Losartan's affinity to fluid bilayers modulates lipid–cholesterol interactions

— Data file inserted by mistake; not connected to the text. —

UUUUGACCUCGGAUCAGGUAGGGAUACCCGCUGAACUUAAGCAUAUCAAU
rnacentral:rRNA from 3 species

Losartan is an angiotensin II receptor antagonist mainly used for the regulation of high blood pressure. Since it was anticipated that losartan reaches the receptor site via membrane diffusion, the impact of losartan on model membranes has been investigated by small angle X-ray scattering. For this purpose 2–20 mol% losartan was incorporated into dimyristoyl-phosphatidylcholine (DMPC) and palmitoyl-oleoyl-phosphatidylcholine (POPC) bilayers and into their binary mixtures with cholesterol in the concentration range of 0 to 40 mol%. Effects of losartan on single component bilayers are alike. Partitioning of losartan into the membranes confers a negative charge to the lipid bilayers that causes the formation of unilamellar vesicles and a reduction of the bilayer thickness by 3–4%. Analysis of the structural data resulted in an estimate for the partial area of losartan, ALos ≈ 40 Å2. In the presence of cholesterol, differences between the effects of losartan on POPC and DMPC are striking. Membrane condensation by cholesterol is retarded by losartan in POPC. This contrasts with DMPC, where an increase of the cholesterol content shifts the partitioning equilibrium of losartan towards the aqueous phase, such that losartan gets depleted from the bilayers from 20 mol% cholesterol onwards. This indicates (i) a chain-saturation dependent competition of losartan with lipid–cholesterol interactions, and (ii) the insolubility of losartan in the liquid ordered phase of PCs. Consequently, losartan's action is more likely to take place in fluid plasma membrane patches rather than in domains rich in cholesterol and saturated lipid species such as in membrane rafts.